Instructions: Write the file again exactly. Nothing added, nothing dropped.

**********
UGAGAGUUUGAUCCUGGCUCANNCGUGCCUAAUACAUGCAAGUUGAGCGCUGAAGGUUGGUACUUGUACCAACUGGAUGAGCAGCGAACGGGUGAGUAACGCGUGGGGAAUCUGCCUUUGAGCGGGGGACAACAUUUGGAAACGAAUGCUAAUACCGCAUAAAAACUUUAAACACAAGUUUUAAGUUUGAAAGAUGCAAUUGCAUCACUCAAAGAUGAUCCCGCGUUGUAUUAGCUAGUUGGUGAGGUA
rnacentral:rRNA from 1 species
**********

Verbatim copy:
UGAGAGUUUGAUCCUGGCUCANNCGUGCCUAAUACAUGCAAGUUGAGCGCUGAAGGUUGGUACUUGUACCAACUGGAUGAGCAGCGAACGGGUGAGUAACGCGUGGGGAAUCUGCCUUUGAGCGGGGGACAACAUUUGGAAACGAAUGCUAAUACCGCAUAAAAACUUUAAACACAAGUUUUAAGUUUGAAAGAUGCAAUUGCAUCACUCAAAGAUGAUCCCGCGUUGUAUUAGCUAGUUGGUGAGGUA
rnacentral:rRNA from 1 species